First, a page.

The combination of SC/B6 and CMT is more effective in treating DSNs than CMT alone. This combination alleviates the adverse effects associated with chemotherapy and improves the QoL of DSN patients, and its application in the clinic is worth promoting.

          Related collections

          Most cited references 50

          • Record: found
          • Abstract: found
          • Article: found
          Is Open Access

          Quantifying the impact of between-study heterogeneity in multivariate meta-analyses

          Measures that quantify the impact of heterogeneity in univariate meta-analysis, including the very popular I 2 statistic, are now well established. Multivariate meta-analysis, where studies provide multiple outcomes that are pooled in a single analysis, is also becoming more commonly used. The question of how to quantify heterogeneity in the multivariate setting is therefore raised. It is the univariate R 2 statistic, the ratio of the variance of the estimated treatment effect under the random and fixed effects models, that generalises most naturally, so this statistic provides our basis. This statistic is then used to derive a multivariate analogue of I 2, which we call . We also provide a multivariate H 2 statistic, the ratio of a generalisation of Cochran's heterogeneity statistic and its associated degrees of freedom, with an accompanying generalisation of the usual I 2 statistic, . Our proposed heterogeneity statistics can be used alongside all the usual estimates and inferential procedures used in multivariate meta-analysis. We apply our methods to some real datasets and show how our statistics are equally appropriate in the context of multivariate meta-regression, where study level covariate effects are included in the model. Our heterogeneity statistics may be used when applying any procedure for fitting the multivariate random effects model. Copyright © 2012 John Wiley & Sons, Ltd.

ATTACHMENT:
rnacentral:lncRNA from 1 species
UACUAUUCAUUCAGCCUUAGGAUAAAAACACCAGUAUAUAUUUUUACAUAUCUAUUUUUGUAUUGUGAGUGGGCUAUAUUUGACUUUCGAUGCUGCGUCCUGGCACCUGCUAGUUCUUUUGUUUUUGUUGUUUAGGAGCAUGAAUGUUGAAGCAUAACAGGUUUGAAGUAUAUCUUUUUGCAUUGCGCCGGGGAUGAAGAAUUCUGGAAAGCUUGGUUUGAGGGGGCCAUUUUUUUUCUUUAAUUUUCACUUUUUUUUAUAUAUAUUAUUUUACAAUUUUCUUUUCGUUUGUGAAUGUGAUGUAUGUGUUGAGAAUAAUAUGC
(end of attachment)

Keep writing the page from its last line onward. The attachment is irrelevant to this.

Bookmark
            • Record: found
            • Abstract: found
            • Article: not found

            Cantharidin, a potent and selective PP2A inhibitor, induces an oxidative stress-independent growth inhibition of pancreatic cancer cells through G2/M cell-cycle arrest and apoptosis.